Maintenance and construction projects can present quite the conundrum for transportation organizations with rail operations: shut down a major portion or entire line in one shot to get the work done while offering substitute service for riders? Work overnights and weekends for long stretches of time? One solution to the maintenance/construction puzzle is the “blitz” — a balancing act between productivity and customer inconvenience.
For the second consecutive summer, SEPTA is utilizing the blitz method, which is favored by freight rail lines, to complete much-needed repairs and upgrades for its trolley tunnel — a five-mile, single-track passageway that carries approximately 40,000 commuters every day between downtown and West Philadelphia on five trolley routes. In 2013, the tunnel was closed for 10 days while SEPTA’s in-house crews completed numerous projects, such as replacing approximately 10,000 feet of worn overhead wire and 2,500 feet of support troughing, along with power cleaning, painting and making repairs to stations.
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In 2014, the tunnel will be closed for 17 days while the authority’s crews replace nearly 24,000 feet of worn overhead contact wire; weld together long rail strings and install more than 14,000 feet of new rail; replace two concrete-embedded track switches; replace worn track components and clean the track drains and stormwater system throughout the tunnel; test back-up and emergency lighting cables; and complete numerous station maintenance tasks and station repairs. SEPTA will also complete a major station upgrade at the 15th Street westbound station in just one month because much of the work will be done during the closure.
In all, some 250 employees will participate in the 390 hours that the tunnel is closed to ensure all projects are complete by the start of the service day on August 18.
“This ‘blitz’ concept is used in the transportation industry because it allows organizations to maximize productivity during improvements projects while minimizing the period of inconvenience to passengers and communities that we serve. This is especially true when there is a single track operation, like our trolley tunnel,” said SEPTA Deputy GM Jeff Knueppel. “Because the tunnel is in use all day, every day, with the exception of a few hours on Sunday evenings, and is a single track operation, it is difficult for our crews to get productive work windows. Without this blitz and 17-day closure, we’d have months of nighttime and weekend shutdowns to complete all of the various projects.”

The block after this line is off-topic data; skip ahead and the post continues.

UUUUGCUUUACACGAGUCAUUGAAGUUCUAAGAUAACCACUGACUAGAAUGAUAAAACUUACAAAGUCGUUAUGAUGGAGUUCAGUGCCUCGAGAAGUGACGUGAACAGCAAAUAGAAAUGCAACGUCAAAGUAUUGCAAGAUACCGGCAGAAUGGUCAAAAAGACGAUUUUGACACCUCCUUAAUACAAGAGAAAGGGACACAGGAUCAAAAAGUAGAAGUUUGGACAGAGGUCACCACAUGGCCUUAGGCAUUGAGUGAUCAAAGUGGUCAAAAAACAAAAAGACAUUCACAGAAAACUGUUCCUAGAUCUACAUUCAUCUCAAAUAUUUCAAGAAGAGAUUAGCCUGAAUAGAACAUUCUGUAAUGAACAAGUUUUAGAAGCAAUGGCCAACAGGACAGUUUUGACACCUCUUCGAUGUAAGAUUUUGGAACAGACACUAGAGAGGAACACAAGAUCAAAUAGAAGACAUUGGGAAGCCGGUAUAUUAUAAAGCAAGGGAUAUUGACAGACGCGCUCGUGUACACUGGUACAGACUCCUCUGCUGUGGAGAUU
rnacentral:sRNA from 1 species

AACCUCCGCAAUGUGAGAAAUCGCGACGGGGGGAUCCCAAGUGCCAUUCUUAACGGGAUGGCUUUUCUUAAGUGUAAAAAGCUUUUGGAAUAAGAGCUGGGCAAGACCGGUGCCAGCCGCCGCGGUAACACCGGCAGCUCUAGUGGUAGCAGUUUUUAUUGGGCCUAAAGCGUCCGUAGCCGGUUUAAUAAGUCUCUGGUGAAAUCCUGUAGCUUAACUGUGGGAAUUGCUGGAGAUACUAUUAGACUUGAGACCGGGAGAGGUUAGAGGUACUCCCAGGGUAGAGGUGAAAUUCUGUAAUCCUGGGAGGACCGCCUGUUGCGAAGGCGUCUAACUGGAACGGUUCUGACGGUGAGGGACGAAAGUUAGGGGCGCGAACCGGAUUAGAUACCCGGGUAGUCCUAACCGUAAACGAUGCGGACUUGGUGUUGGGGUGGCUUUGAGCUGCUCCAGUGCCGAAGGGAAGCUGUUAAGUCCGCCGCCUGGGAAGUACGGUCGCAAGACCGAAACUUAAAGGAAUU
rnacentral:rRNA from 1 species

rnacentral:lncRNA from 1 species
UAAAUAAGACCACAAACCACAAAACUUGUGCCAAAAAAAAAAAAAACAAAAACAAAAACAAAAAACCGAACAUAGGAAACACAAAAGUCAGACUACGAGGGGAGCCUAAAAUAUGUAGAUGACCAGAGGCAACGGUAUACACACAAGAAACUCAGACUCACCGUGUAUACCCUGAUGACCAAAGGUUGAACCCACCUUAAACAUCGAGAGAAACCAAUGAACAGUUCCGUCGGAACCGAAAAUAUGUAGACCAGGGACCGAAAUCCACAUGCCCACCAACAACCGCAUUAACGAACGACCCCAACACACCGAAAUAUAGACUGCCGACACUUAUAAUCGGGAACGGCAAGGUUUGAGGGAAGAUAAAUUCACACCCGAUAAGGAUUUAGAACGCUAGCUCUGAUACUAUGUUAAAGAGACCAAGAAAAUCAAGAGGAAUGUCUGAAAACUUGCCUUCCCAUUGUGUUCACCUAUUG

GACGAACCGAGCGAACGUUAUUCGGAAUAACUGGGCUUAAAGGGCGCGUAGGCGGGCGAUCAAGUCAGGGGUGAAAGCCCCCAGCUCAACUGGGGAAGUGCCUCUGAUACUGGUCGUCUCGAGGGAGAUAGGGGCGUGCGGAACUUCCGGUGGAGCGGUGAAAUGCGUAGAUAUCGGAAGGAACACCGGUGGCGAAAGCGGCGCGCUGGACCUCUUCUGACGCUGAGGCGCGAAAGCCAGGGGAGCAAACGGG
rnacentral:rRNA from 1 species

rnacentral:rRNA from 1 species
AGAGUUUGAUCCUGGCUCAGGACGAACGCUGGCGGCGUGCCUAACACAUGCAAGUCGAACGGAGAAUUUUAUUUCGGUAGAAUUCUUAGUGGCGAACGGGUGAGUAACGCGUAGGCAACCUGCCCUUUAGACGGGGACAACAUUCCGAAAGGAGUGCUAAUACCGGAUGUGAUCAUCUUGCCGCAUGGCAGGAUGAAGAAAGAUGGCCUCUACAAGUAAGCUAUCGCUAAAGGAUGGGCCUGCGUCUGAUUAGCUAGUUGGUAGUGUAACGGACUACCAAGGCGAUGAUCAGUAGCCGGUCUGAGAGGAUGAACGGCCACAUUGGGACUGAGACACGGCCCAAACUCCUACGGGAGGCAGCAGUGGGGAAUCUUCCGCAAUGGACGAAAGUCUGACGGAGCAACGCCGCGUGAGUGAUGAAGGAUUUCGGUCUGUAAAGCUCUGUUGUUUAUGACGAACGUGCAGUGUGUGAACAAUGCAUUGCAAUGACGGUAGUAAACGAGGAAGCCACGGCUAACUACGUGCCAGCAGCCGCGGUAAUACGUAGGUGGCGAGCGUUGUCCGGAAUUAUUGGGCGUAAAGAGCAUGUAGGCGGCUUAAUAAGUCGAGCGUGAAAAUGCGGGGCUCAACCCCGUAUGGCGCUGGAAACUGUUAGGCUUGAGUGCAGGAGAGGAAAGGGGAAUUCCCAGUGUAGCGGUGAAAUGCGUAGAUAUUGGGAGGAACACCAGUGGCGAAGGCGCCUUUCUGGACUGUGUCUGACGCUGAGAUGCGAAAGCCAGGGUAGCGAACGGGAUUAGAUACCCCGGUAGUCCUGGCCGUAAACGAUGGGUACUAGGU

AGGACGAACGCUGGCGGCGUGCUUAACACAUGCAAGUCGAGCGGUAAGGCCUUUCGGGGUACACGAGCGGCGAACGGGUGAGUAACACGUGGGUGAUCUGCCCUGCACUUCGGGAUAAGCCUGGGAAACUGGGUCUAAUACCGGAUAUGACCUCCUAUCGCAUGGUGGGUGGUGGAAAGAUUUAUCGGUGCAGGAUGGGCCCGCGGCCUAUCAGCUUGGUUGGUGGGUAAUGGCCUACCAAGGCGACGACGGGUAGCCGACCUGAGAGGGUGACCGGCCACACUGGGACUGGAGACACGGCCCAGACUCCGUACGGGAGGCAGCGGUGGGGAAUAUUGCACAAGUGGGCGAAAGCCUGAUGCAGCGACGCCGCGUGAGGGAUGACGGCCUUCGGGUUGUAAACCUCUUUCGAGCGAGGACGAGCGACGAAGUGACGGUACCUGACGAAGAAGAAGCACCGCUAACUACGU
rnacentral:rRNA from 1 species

A key factor for the to the blitz’s being able to happen is that SEPTA’s Market-Frankford subway-elevated line runs parallel to the trolleys through downtown Philadelphia, eliminating the need to use buses for service substitution.
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Portions of SEPTA’s trolley tunnel date back to the turn of the century — the 20th century. It’s been 30 years since the rails have been renewed and eight years since the wires were replaced. With 662 trolleys per day (200,000 per year) traveling through the tunnel, the infrastructure must be reliable. It is a single track operation — if one section of track goes down, trolleys cannot operate.
“We chose this time of year to do the work because our ridership is at its lowest,” said Knueppel. “When our riders return from vacation and head back to school en masse at the end of August and beginning of September, they will be using a trolley tunnel that is safer, more reliable and more attractive.”
SEPTA’s Trolley Tunnel Blitz also demonstrates the importance of government investment in transportation, as major construction elements for the project were funded by Pennsylvania’s Act 89, a landmark bill which was approved by the Commonwealth’s legislature and signed by Gov. Tom Corbett last fall to provide a dedicated, long-term funding solution for transportation infrastructure investments in Pennsylvania.
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